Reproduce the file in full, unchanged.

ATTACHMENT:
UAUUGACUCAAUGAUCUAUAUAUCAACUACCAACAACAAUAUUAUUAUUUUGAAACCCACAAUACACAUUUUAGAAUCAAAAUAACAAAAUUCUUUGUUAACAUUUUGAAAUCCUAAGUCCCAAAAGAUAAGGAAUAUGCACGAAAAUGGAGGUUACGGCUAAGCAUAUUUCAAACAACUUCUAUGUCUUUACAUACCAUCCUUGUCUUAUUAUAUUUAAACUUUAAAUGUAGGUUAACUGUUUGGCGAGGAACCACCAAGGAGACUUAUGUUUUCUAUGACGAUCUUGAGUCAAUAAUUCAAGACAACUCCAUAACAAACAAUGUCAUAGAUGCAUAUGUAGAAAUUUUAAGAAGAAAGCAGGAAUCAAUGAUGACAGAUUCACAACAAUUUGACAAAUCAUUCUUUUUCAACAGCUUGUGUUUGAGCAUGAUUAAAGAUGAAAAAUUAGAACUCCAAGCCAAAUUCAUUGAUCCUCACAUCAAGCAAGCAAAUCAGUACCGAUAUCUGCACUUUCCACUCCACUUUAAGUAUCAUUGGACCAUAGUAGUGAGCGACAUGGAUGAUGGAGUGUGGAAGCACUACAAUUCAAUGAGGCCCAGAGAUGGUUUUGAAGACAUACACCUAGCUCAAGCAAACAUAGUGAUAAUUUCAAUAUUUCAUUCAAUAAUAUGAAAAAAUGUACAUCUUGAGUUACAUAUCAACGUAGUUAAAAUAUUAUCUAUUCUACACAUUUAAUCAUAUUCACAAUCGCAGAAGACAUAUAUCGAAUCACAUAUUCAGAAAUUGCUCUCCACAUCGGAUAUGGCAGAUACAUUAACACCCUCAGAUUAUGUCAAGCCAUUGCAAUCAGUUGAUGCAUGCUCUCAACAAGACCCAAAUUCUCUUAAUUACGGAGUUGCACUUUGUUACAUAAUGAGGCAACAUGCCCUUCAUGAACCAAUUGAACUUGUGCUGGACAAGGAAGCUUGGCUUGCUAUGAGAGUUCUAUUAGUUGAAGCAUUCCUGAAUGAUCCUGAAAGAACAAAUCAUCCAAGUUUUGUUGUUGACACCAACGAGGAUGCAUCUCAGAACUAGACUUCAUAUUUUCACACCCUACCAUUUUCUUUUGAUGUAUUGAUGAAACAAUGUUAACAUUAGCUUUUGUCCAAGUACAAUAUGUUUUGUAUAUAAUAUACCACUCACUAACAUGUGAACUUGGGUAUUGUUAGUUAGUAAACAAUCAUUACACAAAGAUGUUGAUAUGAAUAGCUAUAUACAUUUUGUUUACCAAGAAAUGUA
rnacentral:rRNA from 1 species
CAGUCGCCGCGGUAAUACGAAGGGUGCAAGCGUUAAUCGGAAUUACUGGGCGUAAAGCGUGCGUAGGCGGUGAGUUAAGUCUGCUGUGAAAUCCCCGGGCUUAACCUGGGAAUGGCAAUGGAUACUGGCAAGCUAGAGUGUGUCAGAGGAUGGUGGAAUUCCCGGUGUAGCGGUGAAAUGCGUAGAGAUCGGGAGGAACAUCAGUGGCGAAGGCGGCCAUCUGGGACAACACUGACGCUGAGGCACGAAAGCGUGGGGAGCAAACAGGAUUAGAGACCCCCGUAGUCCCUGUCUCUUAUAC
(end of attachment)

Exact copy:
UAUUGACUCAAUGAUCUAUAUAUCAACUACCAACAACAAUAUUAUUAUUUUGAAACCCACAAUACACAUUUUAGAAUCAAAAUAACAAAAUUCUUUGUUAACAUUUUGAAAUCCUAAGUCCCAAAAGAUAAGGAAUAUGCACGAAAAUGGAGGUUACGGCUAAGCAUAUUUCAAACAACUUCUAUGUCUUUACAUACCAUCCUUGUCUUAUUAUAUUUAAACUUUAAAUGUAGGUUAACUGUUUGGCGAGGAACCACCAAGGAGACUUAUGUUUUCUAUGACGAUCUUGAGUCAAUAAUUCAAGACAACUCCAUAACAAACAAUGUCAUAGAUGCAUAUGUAGAAAUUUUAAGAAGAAAGCAGGAAUCAAUGAUGACAGAUUCACAACAAUUUGACAAAUCAUUCUUUUUCAACAGCUUGUGUUUGAGCAUGAUUAAAGAUGAAAAAUUAGAACUCCAAGCCAAAUUCAUUGAUCCUCACAUCAAGCAAGCAAAUCAGUACCGAUAUCUGCACUUUCCACUCCACUUUAAGUAUCAUUGGACCAUAGUAGUGAGCGACAUGGAUGAUGGAGUGUGGAAGCACUACAAUUCAAUGAGGCCCAGAGAUGGUUUUGAAGACAUACACCUAGCUCAAGCAAACAUAGUGAUAAUUUCAAUAUUUCAUUCAAUAAUAUGAAAAAAUGUACAUCUUGAGUUACAUAUCAACGUAGUUAAAAUAUUAUCUAUUCUACACAUUUAAUCAUAUUCACAAUCGCAGAAGACAUAUAUCGAAUCACAUAUUCAGAAAUUGCUCUCCACAUCGGAUAUGGCAGAUACAUUAACACCCUCAGAUUAUGUCAAGCCAUUGCAAUCAGUUGAUGCAUGCUCUCAACAAGACCCAAAUUCUCUUAAUUACGGAGUUGCACUUUGUUACAUAAUGAGGCAACAUGCCCUUCAUGAACCAAUUGAACUUGUGCUGGACAAGGAAGCUUGGCUUGCUAUGAGAGUUCUAUUAGUUGAAGCAUUCCUGAAUGAUCCUGAAAGAACAAAUCAUCCAAGUUUUGUUGUUGACACCAACGAGGAUGCAUCUCAGAACUAGACUUCAUAUUUUCACACCCUACCAUUUUCUUUUGAUGUAUUGAUGAAACAAUGUUAACAUUAGCUUUUGUCCAAGUACAAUAUGUUUUGUAUAUAAUAUACCACUCACUAACAUGUGAACUUGGGUAUUGUUAGUUAGUAAACAAUCAUUACACAAAGAUGUUGAUAUGAAUAGCUAUAUACAUUUUGUUUACCAAGAAAUGUA
rnacentral:rRNA from 1 species
CAGUCGCCGCGGUAAUACGAAGGGUGCAAGCGUUAAUCGGAAUUACUGGGCGUAAAGCGUGCGUAGGCGGUGAGUUAAGUCUGCUGUGAAAUCCCCGGGCUUAACCUGGGAAUGGCAAUGGAUACUGGCAAGCUAGAGUGUGUCAGAGGAUGGUGGAAUUCCCGGUGUAGCGGUGAAAUGCGUAGAGAUCGGGAGGAACAUCAGUGGCGAAGGCGGCCAUCUGGGACAACACUGACGCUGAGGCACGAAAGCGUGGGGAGCAAACAGGAUUAGAGACCCCCGUAGUCCCUGUCUCUUAUAC